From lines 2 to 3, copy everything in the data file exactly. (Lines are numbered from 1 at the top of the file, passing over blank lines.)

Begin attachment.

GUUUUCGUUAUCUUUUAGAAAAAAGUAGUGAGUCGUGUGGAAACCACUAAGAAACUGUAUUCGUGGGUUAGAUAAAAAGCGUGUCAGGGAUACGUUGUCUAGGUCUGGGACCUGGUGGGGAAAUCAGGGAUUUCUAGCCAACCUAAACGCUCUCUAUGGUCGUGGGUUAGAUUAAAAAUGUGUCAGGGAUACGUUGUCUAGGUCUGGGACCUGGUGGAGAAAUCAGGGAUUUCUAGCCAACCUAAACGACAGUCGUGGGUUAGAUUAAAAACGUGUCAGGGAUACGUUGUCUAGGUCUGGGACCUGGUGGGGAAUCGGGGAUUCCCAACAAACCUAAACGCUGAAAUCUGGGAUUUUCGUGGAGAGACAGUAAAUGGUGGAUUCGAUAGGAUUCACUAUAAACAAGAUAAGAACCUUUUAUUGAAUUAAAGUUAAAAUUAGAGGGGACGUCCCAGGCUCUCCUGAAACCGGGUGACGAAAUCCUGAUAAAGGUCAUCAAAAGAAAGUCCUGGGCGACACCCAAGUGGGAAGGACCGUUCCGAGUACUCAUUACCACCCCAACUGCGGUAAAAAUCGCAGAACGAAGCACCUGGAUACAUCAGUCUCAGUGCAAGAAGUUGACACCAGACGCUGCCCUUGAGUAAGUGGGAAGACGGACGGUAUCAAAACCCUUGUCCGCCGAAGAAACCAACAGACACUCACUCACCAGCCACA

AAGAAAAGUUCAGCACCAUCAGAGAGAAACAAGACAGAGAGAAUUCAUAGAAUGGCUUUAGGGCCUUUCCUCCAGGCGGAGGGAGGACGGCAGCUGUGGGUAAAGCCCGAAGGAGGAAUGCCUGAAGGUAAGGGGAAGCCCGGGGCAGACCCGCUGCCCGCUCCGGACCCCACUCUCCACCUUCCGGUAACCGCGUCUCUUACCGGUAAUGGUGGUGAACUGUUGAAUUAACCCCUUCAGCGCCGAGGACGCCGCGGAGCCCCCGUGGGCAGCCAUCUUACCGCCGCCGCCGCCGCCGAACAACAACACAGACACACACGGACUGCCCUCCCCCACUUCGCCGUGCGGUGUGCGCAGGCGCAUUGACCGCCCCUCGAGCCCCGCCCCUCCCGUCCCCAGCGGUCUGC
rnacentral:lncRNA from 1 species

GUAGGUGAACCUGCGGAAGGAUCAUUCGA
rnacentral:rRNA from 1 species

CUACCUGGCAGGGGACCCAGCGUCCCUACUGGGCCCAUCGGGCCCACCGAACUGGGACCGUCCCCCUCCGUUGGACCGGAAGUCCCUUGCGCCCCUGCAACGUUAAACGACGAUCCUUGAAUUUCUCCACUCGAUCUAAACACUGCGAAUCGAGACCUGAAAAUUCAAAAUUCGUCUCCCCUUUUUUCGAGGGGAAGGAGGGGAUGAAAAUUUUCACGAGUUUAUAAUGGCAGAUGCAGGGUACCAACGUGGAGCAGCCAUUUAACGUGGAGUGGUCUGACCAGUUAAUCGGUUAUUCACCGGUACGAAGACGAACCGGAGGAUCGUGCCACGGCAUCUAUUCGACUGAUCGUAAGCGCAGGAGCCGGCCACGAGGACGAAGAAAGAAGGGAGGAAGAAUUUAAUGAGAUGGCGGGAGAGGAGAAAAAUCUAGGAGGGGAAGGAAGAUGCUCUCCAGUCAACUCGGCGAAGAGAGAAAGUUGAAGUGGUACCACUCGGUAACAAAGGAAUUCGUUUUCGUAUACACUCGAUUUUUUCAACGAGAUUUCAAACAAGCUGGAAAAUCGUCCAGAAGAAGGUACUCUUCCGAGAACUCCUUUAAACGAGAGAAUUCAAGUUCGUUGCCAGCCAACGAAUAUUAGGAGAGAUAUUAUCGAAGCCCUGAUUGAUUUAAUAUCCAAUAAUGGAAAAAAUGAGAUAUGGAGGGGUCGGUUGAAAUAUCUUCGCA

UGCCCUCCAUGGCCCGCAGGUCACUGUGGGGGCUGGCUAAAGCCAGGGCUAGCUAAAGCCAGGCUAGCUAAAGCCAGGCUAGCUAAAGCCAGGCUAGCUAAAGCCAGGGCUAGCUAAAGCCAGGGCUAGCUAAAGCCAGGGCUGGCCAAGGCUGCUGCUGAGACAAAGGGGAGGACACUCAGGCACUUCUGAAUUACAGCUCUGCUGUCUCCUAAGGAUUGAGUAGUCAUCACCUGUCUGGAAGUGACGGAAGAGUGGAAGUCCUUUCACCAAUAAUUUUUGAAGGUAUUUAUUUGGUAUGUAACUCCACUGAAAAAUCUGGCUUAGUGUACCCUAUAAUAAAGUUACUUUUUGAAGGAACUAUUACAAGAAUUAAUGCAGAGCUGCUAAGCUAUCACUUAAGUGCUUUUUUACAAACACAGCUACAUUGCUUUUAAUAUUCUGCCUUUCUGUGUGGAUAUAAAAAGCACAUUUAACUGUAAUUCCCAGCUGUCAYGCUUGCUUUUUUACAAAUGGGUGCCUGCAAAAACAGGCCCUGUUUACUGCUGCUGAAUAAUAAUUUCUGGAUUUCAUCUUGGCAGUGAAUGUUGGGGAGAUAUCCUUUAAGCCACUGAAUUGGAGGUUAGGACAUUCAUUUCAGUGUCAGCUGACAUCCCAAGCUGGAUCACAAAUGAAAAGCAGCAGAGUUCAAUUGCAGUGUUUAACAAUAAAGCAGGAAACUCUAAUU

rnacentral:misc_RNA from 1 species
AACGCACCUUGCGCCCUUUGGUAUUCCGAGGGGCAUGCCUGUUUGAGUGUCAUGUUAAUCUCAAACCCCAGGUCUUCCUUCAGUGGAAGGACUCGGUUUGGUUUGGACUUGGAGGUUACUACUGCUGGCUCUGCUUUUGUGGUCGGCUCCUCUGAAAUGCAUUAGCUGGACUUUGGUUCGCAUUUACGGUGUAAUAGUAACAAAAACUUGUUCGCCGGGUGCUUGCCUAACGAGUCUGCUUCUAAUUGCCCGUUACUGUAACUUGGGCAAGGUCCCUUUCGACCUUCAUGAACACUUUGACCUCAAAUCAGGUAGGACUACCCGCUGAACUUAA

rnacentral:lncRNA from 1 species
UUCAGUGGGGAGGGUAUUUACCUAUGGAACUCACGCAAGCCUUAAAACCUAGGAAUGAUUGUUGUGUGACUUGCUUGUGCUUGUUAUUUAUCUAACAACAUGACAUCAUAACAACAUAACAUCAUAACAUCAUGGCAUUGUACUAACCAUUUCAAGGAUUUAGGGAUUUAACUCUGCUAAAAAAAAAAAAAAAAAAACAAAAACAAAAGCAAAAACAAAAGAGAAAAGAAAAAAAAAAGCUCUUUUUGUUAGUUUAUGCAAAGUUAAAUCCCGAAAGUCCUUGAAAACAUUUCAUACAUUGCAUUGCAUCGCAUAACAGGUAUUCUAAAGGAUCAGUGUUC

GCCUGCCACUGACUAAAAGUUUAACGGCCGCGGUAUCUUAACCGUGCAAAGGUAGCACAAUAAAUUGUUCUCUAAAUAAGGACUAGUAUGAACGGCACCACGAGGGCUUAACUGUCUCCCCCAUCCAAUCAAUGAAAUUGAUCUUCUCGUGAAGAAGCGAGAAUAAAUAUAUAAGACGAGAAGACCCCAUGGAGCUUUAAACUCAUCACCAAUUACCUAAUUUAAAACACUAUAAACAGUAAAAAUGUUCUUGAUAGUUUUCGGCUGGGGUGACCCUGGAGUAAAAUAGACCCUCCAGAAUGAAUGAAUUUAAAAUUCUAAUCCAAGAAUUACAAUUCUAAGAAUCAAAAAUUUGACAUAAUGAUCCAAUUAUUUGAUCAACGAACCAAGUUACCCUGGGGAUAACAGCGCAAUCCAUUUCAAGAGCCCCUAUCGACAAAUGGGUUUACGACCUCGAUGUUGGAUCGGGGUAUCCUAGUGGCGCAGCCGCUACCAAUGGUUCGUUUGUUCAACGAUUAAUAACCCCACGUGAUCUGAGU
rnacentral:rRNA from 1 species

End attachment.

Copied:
AAGAAAAGUUCAGCACCAUCAGAGAGAAACAAGACAGAGAGAAUUCAUAGAAUGGCUUUAGGGCCUUUCCUCCAGGCGGAGGGAGGACGGCAGCUGUGGGUAAAGCCCGAAGGAGGAAUGCCUGAAGGUAAGGGGAAGCCCGGGGCAGACCCGCUGCCCGCUCCGGACCCCACUCUCCACCUUCCGGUAACCGCGUCUCUUACCGGUAAUGGUGGUGAACUGUUGAAUUAACCCCUUCAGCGCCGAGGACGCCGCGGAGCCCCCGUGGGCAGCCAUCUUACCGCCGCCGCCGCCGCCGAACAACAACACAGACACACACGGACUGCCCUCCCCCACUUCGCCGUGCGGUGUGCGCAGGCGCAUUGACCGCCCCUCGAGCCCCGCCCCUCCCGUCCCCAGCGGUCUGC
rnacentral:lncRNA from 1 species